According to the latest sales figures released by the Society of Motor Manufacturers and Traders (SMMT), the private new car market is down a massive 12% when compared to last year.
But the fleet industry is bucking the overall trend, with large fleet sales down only 1.4%, totalling 506,967 registrations, and business (sub-25 fleet sales) up 7.5% to 73,731. Large fleets now account for 49.9% of all new cars in Britain, up from 48.6% in 2004.
In total, nearly 100,000 more cars have gone to corporate buyers than to private buyers so far this year, illustrating the increasing importance of fleet in powering the UK car market.
Lower-medium cars are faring particularly well, with Vauxhall, BMW and Audi showing strong increases.
In overall fleet sales, Vauxhall has tightened its grip on the top spot and is set to lead Ford by more than 10,000 units over the next couple of months. The Luton firm has already broken the 100,000-unit barrier at 100,265, while Ford has reached 91,884 – almost 5,000 units down on this time last year. Renault is a distant third on 43,600, while Peugeot is down nearly 4,000 sales on last year at 26,795 fleet units.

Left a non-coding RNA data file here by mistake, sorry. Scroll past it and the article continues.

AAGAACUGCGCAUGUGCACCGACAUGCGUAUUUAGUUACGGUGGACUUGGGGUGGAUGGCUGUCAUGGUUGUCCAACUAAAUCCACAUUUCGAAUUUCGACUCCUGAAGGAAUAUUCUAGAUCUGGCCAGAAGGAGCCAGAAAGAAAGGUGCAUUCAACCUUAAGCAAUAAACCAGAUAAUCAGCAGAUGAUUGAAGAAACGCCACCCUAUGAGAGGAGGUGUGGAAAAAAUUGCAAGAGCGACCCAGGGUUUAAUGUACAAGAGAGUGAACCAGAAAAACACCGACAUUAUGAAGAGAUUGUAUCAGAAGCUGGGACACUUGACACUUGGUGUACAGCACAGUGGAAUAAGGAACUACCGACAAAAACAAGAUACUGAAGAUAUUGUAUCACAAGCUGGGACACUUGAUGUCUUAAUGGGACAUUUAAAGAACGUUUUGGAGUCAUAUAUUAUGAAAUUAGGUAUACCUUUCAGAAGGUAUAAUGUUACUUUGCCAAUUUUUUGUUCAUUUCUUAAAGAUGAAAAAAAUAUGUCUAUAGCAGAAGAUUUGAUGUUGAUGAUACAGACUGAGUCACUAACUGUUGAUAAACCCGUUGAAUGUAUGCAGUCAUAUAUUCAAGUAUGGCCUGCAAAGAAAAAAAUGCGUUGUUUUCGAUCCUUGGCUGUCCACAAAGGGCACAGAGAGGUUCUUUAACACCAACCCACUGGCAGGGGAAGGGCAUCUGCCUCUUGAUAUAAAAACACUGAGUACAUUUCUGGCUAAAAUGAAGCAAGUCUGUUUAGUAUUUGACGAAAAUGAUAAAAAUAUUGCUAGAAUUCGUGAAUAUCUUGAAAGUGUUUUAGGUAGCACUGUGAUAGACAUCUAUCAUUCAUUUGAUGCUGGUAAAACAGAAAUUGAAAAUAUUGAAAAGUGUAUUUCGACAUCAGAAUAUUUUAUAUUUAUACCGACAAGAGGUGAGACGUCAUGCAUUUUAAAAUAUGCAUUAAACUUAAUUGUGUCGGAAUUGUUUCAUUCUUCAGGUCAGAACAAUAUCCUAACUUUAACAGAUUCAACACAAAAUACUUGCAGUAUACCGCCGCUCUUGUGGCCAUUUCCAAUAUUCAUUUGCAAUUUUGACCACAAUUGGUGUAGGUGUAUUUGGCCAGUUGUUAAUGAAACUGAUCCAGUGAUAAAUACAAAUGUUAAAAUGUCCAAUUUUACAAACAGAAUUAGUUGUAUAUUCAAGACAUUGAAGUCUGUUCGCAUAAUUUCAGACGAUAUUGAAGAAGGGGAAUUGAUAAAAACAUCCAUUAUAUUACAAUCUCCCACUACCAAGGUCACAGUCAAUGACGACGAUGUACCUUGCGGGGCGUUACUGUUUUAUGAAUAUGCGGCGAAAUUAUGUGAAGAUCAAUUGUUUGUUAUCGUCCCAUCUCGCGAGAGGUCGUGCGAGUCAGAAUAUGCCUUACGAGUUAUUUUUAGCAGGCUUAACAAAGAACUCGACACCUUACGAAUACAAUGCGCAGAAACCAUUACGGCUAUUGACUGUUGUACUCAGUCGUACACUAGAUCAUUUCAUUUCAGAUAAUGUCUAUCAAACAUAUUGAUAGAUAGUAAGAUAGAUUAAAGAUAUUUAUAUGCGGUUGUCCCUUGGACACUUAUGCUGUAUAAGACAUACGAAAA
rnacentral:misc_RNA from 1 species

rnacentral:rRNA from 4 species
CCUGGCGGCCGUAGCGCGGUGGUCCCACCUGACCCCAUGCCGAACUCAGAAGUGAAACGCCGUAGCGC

Two brands on the move, underlining the increasing popularity of premium brands, are BMW and Audi. BMW has increased its fleet sales over the first five months of the year, compared to last year, by 3,500 units to 17,527, despite the changeover in its popular 3-series. Audi is also up by about 3,500 units to 15,185.
Nissan’s strategy of selling niche vehicles is also paying dividends in fleet with sales increasing from 15,983 to 19,691 year-on-year while the effect of the new Golf has seen Volkswagen’s registrations increase 6,000 units year-on year to 38,023.